All I can do is urge everyone to read this book. Read it and love it. I guarantee it will stay with you for days once you finish. 

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Friday, 25 November 2011

Book Review: Piper's Passion Cookies


PUBLISHED BY:Painted Barn Publishing
ISBN:
PUBLICATION DATE:2011
WORD COUNT:7050


Piper Bell finds her grandmother’s old wooden chest while rummaging through the attic. Inside is a book, Granny Bell’s Magic Recipes. The cookbook couldn’t have come at a better time, because she has to bring cookies to the neighborhood pool party. With the touch of an enchanted easy-peasy ingredient, Granny Bell’s passion cookies promise to capture even the most reluctant man’s attentions—and her love life could certainly use a little magic.
She tests her first batch on the poolside bachelor partygoers, and Voila! The fruit cookies are a success. Men are swarming her like yellow jackets on watermelon, including Magnolia Acres’ newest hottie, Dr. Donovan Tate. The passion begins and things heat up… but Piper soon wonders if she should’ve stayed out of the kitchen.


Piper’s Passion Cookies is a fun, flirty and hilarious read from an author that is destined to become a household name. C.E. Hart’s quirky and unique writing style will entrance many readers as her stories warm their hearts.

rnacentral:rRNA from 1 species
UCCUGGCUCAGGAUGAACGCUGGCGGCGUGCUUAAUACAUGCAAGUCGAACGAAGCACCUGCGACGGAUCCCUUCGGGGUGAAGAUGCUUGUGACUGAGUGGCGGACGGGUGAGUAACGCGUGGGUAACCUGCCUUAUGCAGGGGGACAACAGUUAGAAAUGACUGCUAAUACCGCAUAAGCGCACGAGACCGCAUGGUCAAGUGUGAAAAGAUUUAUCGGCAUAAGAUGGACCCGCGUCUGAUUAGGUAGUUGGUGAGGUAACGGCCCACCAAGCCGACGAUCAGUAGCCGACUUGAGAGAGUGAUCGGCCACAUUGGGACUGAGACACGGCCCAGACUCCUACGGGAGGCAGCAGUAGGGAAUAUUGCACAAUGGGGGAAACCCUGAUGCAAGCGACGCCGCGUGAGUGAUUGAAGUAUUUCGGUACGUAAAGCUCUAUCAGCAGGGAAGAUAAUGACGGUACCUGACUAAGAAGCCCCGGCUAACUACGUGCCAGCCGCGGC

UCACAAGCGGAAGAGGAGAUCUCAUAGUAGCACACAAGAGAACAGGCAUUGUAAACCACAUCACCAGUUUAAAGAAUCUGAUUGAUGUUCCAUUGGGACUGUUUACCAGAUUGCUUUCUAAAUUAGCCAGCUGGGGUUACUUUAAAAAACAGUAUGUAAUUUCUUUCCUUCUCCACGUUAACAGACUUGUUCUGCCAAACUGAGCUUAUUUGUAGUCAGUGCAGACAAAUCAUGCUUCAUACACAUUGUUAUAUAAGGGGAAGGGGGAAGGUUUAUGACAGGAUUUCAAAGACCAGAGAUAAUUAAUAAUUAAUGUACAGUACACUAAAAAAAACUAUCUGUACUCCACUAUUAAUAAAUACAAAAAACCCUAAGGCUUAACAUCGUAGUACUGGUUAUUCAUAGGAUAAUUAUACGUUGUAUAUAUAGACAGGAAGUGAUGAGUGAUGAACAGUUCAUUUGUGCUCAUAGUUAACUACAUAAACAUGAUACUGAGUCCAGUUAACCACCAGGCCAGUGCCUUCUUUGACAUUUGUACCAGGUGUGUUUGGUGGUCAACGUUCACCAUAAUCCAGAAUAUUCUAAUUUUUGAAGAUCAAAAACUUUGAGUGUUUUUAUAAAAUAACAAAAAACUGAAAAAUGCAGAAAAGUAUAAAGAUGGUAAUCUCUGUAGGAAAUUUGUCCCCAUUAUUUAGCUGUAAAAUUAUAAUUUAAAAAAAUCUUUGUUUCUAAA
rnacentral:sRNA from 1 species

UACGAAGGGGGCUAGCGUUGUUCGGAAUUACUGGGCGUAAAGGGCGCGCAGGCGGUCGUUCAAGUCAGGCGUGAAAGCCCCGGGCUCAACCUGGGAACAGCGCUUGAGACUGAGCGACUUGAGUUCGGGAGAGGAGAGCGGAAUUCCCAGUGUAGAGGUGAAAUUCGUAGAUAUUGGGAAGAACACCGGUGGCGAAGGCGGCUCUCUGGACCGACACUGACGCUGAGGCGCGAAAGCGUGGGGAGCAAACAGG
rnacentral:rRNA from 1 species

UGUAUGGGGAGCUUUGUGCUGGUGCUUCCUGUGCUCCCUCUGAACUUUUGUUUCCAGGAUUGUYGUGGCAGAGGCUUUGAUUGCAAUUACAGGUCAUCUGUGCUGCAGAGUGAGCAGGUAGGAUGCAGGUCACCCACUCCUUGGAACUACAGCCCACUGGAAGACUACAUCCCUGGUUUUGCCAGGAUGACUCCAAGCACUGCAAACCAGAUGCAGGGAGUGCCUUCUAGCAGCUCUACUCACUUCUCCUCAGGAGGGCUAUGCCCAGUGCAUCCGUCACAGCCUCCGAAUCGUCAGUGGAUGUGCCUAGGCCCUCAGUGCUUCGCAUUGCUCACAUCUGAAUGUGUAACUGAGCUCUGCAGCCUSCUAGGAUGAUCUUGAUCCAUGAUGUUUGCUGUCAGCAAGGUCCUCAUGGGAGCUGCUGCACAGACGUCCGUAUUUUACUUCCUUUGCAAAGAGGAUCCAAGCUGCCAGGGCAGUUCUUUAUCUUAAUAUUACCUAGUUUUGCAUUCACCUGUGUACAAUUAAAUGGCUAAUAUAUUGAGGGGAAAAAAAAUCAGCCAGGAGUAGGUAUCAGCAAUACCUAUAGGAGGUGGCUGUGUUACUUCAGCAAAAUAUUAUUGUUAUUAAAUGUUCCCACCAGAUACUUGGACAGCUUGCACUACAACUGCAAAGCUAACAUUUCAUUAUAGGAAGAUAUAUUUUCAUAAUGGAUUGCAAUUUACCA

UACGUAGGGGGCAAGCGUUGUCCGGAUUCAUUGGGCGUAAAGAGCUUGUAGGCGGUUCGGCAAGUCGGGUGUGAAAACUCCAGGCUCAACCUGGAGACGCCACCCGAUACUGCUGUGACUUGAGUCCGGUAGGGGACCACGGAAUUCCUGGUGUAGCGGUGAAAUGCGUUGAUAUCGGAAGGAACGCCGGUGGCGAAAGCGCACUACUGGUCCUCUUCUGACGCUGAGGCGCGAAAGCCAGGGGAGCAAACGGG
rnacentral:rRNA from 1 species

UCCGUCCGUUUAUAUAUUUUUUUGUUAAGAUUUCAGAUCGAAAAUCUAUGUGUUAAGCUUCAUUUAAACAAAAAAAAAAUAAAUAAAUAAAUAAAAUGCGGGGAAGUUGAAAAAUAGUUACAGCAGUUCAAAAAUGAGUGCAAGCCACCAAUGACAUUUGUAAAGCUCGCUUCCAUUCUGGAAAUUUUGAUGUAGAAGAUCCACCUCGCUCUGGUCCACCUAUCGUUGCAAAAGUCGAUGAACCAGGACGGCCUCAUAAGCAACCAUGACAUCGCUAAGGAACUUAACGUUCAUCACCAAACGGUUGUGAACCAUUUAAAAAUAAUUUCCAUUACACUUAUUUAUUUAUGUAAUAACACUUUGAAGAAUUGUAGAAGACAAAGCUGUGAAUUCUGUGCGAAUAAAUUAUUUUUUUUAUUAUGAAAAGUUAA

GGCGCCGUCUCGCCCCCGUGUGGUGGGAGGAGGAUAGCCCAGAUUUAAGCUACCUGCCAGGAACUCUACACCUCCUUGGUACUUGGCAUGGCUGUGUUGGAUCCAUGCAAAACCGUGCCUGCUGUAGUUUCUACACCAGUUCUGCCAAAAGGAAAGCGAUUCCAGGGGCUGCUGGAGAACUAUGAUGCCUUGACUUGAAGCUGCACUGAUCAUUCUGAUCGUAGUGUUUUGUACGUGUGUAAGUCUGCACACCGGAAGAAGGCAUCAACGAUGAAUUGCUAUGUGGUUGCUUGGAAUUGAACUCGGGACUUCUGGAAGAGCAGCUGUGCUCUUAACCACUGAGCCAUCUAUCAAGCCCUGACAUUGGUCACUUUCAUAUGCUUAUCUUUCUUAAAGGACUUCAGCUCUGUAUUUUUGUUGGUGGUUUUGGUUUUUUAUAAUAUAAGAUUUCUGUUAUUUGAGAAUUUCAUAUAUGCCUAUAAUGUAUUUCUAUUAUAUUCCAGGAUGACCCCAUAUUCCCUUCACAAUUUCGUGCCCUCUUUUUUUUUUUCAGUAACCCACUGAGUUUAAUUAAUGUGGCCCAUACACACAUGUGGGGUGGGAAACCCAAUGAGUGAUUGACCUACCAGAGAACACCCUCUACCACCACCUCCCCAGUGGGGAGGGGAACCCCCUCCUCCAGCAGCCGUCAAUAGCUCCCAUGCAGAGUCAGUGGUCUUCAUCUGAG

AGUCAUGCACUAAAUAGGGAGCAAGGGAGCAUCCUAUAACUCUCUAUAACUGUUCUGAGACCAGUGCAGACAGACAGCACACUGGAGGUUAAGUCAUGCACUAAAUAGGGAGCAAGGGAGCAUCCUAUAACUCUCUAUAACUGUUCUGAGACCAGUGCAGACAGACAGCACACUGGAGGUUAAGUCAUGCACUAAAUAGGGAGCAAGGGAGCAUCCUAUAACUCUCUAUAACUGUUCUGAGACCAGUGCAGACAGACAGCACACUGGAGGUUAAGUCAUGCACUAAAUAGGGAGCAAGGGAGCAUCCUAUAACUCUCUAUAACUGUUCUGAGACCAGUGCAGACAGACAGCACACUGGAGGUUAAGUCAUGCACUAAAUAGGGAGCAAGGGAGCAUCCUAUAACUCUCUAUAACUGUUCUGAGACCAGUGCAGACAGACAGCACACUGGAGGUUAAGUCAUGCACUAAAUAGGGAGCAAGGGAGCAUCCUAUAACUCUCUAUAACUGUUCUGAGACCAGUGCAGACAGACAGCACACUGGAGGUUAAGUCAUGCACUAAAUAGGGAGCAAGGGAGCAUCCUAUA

When Piper finds her grandmother’s cook book in the attic, she finds the perfect recipe for her to bake for the neighbourhood pool party. Passion cookies.  And she has just the man in mind to give a few to – newest neighbour, Donovan.

So if you’re in the mood for a quick and heart warming read that will make you giggle, swoon and cheer out loud, Piper’s Passion Cookies is the book for you. Grab it now, and remember this author’s name.

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Tuesday, 22 November 2011

Geek Girl Blog Tour



Paperback: 280 pages
Publisher: Sweetwater Books (8 Dec 2011)
Language: English
ISBN-10: 1599559250
ISBN-13: 978-1599559254

Jen's life of partying and sneaking out has grown stale. So on a whim, Jen makes a bet to turn Trevor, a goody-two-shoes geek, into a "bad boy." As she hangs out with Trevor, however, she finds it's actually kinda fun being a geek. But when Trevor finds out about the bet, Jen must fight for the things she's discovered matter most: friendship, family, and, above all, love.